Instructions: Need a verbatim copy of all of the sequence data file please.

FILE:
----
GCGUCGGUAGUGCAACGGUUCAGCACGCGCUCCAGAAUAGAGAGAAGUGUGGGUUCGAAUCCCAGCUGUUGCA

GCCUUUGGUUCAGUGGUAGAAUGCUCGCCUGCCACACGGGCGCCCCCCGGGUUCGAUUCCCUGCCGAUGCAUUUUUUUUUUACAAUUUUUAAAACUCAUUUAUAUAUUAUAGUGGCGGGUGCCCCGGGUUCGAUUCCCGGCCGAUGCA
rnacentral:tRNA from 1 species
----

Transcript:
GCGUCGGUAGUGCAACGGUUCAGCACGCGCUCCAGAAUAGAGAGAAGUGUGGGUUCGAAUCCCAGCUGUUGCA

GCCUUUGGUUCAGUGGUAGAAUGCUCGCCUGCCACACGGGCGCCCCCCGGGUUCGAUUCCCUGCCGAUGCAUUUUUUUUUUACAAUUUUUAAAACUCAUUUAUAUAUUAUAGUGGCGGGUGCCCCGGGUUCGAUUCCCGGCCGAUGCA
rnacentral:tRNA from 1 species